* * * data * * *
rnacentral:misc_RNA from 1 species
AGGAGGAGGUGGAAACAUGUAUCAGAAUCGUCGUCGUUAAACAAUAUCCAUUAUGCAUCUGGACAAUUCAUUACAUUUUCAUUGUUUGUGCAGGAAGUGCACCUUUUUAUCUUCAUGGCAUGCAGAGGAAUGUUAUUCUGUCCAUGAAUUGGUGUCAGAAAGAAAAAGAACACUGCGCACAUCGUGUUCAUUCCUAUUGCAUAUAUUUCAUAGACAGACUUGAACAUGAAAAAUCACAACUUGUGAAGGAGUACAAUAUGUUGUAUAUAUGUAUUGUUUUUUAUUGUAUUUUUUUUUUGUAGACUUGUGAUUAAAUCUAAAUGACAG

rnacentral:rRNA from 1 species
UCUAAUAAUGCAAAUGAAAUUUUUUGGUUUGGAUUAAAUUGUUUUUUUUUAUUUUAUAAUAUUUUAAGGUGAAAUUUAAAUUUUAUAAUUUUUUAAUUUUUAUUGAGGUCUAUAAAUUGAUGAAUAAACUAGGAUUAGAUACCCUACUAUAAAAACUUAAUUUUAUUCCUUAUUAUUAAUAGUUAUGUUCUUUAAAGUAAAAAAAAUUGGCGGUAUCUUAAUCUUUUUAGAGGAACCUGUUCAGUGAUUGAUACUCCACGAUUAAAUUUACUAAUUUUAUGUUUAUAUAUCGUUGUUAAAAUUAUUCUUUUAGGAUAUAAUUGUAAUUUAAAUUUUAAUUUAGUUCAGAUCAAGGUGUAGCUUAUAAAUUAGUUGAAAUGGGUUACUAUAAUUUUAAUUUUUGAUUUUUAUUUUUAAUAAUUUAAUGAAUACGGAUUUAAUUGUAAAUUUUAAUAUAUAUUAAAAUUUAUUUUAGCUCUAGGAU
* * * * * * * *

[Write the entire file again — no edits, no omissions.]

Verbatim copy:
rnacentral:misc_RNA from 1 species
AGGAGGAGGUGGAAACAUGUAUCAGAAUCGUCGUCGUUAAACAAUAUCCAUUAUGCAUCUGGACAAUUCAUUACAUUUUCAUUGUUUGUGCAGGAAGUGCACCUUUUUAUCUUCAUGGCAUGCAGAGGAAUGUUAUUCUGUCCAUGAAUUGGUGUCAGAAAGAAAAAGAACACUGCGCACAUCGUGUUCAUUCCUAUUGCAUAUAUUUCAUAGACAGACUUGAACAUGAAAAAUCACAACUUGUGAAGGAGUACAAUAUGUUGUAUAUAUGUAUUGUUUUUUAUUGUAUUUUUUUUUUGUAGACUUGUGAUUAAAUCUAAAUGACAG

rnacentral:rRNA from 1 species
UCUAAUAAUGCAAAUGAAAUUUUUUGGUUUGGAUUAAAUUGUUUUUUUUUAUUUUAUAAUAUUUUAAGGUGAAAUUUAAAUUUUAUAAUUUUUUAAUUUUUAUUGAGGUCUAUAAAUUGAUGAAUAAACUAGGAUUAGAUACCCUACUAUAAAAACUUAAUUUUAUUCCUUAUUAUUAAUAGUUAUGUUCUUUAAAGUAAAAAAAAUUGGCGGUAUCUUAAUCUUUUUAGAGGAACCUGUUCAGUGAUUGAUACUCCACGAUUAAAUUUACUAAUUUUAUGUUUAUAUAUCGUUGUUAAAAUUAUUCUUUUAGGAUAUAAUUGUAAUUUAAAUUUUAAUUUAGUUCAGAUCAAGGUGUAGCUUAUAAAUUAGUUGAAAUGGGUUACUAUAAUUUUAAUUUUUGAUUUUUAUUUUUAAUAAUUUAAUGAAUACGGAUUUAAUUGUAAAUUUUAAUAUAUAUUAAAAUUUAUUUUAGCUCUAGGAU